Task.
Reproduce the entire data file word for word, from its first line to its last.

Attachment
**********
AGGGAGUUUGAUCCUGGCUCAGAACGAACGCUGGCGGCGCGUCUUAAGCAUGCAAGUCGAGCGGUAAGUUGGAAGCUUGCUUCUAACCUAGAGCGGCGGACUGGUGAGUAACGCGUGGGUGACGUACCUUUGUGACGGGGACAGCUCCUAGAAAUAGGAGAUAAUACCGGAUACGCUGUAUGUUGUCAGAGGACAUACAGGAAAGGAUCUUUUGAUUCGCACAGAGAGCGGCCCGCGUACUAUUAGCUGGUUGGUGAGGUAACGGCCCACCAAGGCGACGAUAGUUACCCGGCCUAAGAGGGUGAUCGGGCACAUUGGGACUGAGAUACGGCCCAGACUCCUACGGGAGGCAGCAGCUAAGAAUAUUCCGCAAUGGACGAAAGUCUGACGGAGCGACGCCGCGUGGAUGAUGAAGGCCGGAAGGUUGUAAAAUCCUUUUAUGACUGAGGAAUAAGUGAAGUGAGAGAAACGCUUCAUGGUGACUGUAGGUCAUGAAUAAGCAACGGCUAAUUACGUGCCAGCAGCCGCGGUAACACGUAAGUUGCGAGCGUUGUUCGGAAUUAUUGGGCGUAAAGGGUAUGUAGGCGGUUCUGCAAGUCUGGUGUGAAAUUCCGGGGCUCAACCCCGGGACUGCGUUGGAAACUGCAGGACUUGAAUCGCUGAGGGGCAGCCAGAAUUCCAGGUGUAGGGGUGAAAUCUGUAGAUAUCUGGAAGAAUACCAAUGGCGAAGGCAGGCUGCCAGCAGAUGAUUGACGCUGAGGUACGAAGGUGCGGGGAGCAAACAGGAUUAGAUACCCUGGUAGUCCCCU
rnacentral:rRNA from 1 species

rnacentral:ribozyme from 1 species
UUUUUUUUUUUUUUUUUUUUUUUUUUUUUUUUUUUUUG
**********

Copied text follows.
AGGGAGUUUGAUCCUGGCUCAGAACGAACGCUGGCGGCGCGUCUUAAGCAUGCAAGUCGAGCGGUAAGUUGGAAGCUUGCUUCUAACCUAGAGCGGCGGACUGGUGAGUAACGCGUGGGUGACGUACCUUUGUGACGGGGACAGCUCCUAGAAAUAGGAGAUAAUACCGGAUACGCUGUAUGUUGUCAGAGGACAUACAGGAAAGGAUCUUUUGAUUCGCACAGAGAGCGGCCCGCGUACUAUUAGCUGGUUGGUGAGGUAACGGCCCACCAAGGCGACGAUAGUUACCCGGCCUAAGAGGGUGAUCGGGCACAUUGGGACUGAGAUACGGCCCAGACUCCUACGGGAGGCAGCAGCUAAGAAUAUUCCGCAAUGGACGAAAGUCUGACGGAGCGACGCCGCGUGGAUGAUGAAGGCCGGAAGGUUGUAAAAUCCUUUUAUGACUGAGGAAUAAGUGAAGUGAGAGAAACGCUUCAUGGUGACUGUAGGUCAUGAAUAAGCAACGGCUAAUUACGUGCCAGCAGCCGCGGUAACACGUAAGUUGCGAGCGUUGUUCGGAAUUAUUGGGCGUAAAGGGUAUGUAGGCGGUUCUGCAAGUCUGGUGUGAAAUUCCGGGGCUCAACCCCGGGACUGCGUUGGAAACUGCAGGACUUGAAUCGCUGAGGGGCAGCCAGAAUUCCAGGUGUAGGGGUGAAAUCUGUAGAUAUCUGGAAGAAUACCAAUGGCGAAGGCAGGCUGCCAGCAGAUGAUUGACGCUGAGGUACGAAGGUGCGGGGAGCAAACAGGAUUAGAUACCCUGGUAGUCCCCU
rnacentral:rRNA from 1 species

rnacentral:ribozyme from 1 species
UUUUUUUUUUUUUUUUUUUUUUUUUUUUUUUUUUUUUG